There's nothing secret about the cards. Union leaders know who signed or not, and have every intention to
ensure that their wishes are paramount.
One union boss, Andy Stern of the SEIU, explained how this works: "We like to say: We use the power of
persuasion first. If it doesn't work, we try the persuasion of power." This is a union boss power grab, an attempt
to force workers into unions without their consent.
This proposal would impose real costs on businesses at an incredibly poor time not just in Missouri, but across
the country. Costs for business owners would skyrocket as wage demands, restrictive work rules and work
stoppages are all used by unions to demand more power. A recent study by Anne Layne-Farrar, an economist
with LECG Consulting, estimates the act would cost 600,000 jobs.
Union leaders say that the current system allows employees to intimidate workers in the weeks leading up to an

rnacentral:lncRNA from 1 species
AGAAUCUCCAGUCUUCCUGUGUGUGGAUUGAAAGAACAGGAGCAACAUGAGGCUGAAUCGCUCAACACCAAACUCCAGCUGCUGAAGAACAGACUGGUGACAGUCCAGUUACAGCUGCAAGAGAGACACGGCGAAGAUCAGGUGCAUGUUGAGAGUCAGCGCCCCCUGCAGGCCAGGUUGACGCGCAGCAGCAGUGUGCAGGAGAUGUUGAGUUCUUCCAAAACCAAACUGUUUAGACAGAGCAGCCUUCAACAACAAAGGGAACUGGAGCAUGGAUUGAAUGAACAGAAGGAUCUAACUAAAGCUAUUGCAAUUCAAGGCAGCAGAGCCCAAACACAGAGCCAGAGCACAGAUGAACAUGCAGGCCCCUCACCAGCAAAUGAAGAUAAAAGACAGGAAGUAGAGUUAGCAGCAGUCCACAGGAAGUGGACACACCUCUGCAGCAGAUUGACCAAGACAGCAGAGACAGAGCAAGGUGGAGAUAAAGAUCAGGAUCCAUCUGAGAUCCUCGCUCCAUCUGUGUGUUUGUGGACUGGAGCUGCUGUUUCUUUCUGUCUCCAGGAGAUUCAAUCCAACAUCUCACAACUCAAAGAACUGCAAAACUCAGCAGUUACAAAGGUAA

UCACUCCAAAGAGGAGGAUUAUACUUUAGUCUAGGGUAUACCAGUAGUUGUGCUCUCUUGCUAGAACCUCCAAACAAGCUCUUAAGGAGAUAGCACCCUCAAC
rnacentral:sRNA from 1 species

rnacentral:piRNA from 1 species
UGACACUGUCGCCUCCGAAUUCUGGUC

election. On its Web site , the AFL-CIO highlights a study claiming that 92 percent "of private- sector employers,
when faced with employees who want to join together in a union, force employees to attend closed-door
meetings to hear anti-union propaganda."
But this claim simply acknowledges that employers want their side on the union issue to be heard. Union
organizers are allowed to disseminate information to workers. Shouldn't employers have the same right?
Are there employers who violate federal law, illegally intimidating and firing workers involved in legally